For a very brief time, Mauer was a St. Paul City Council member. After working as an aide to Council Member Dino Guerin, a childhood friend, Mauer was named to the council in 1997 when Guerin resigned to join the Ramsey County Board. But he canceled plans to run for the seat when, only a month later, he was offered a job as an assistant coach at North Dakota State University.

Mauer was a star quarterback at Harding High School in St. Paul and played football and baseball at the University of Nebraska. He has also worked as an assistant football coach at the University of Wisconsin and New Mexico State University.

This is the third time in recent years that a Hill-Murray employee has been accused of illegal sexual conduct. In 2010, former school president Joseph Peschges pleaded guilty to indecent conduct in connection with a police sting in a St. Paul park. Matthew Ricker, a former assistant boys basketball coach at Hill-Murray, pleaded guilty in 2007 to harassment for sending explicit messages to three players.



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Watch These Quadcopters Flip A Reverse Pendulum Into The Air And Catch It (No, Seriously, Watch)

scientificWhile I hate using Buzzfeed-style headlines, this video warrants the hyperbole. We're all familiar with the magic of quadcopters - they can fly in formation, roll around obstacles, and even interact with each other. This video demo, however, takes the cake. These little fellows are flying in formation while balancing a reverse pendulum. They're essentially doing baton tricks in mid-air.


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Saturday, February 23, 2013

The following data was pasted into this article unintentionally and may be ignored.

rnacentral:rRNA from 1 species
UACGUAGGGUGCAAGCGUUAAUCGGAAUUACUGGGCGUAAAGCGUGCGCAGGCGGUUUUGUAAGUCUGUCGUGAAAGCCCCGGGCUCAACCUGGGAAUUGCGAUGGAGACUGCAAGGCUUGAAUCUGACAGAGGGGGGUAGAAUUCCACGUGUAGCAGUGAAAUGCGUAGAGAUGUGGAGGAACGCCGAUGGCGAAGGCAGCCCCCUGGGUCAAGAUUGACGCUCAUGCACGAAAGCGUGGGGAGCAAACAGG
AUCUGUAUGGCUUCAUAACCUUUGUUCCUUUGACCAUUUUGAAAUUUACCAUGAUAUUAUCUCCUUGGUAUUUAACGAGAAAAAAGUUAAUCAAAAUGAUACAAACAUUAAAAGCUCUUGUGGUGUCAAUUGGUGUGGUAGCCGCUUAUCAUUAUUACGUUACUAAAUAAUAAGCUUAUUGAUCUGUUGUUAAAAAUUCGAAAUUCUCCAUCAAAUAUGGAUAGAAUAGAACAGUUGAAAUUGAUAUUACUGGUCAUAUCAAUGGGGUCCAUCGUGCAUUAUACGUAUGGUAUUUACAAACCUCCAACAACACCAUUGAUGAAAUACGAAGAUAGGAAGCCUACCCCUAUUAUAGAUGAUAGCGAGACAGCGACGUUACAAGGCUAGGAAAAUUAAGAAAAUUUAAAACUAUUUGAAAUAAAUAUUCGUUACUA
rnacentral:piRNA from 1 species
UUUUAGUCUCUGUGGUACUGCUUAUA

Jobs Linux System Administrator Job Code J31420

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George Lopez Jokes 'Argo' Star Ben Affleck: 'Our Finest Latino Actor Right Now'

CBS News:

George Lopez has built a career finding humor in just about everything, from politics to his Hispanic roots.

On "CBS This Morning," the stand-up comedian and actor -- one of the voices starring in the new animated movie "Escape from Planet Earth" -- got the co-hosts laughing when he talked about Ben Affleck, star and director of the Oscar-nominated movie, "Argo," in which he plays a Latino man Tony Mendez sent to rescue Americans in Iran during the 1980 hostage crisis.

Read the whole story at CBS News

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Friday, February 22, 2013

Alexa + Chris ? Merrimans Kapalua Maui Wedding

Chris knew he wanted to get married on Maui right from the start.? He wanted to be able to surf the morning of his wedding.

Alexa took a little talking into to.? But really who can resist the blue skies, the palm trees, and the balmy temperature of Maui.

Combine Maui with these two cuties, their huge love for each other, and wedding full of gorgeous details and guests dressed to the nines and you cannot miss.

Mahalo Alexa and Chris and a huge Congratulations to you two.? This wedding is also featured on Style Me Pretty today.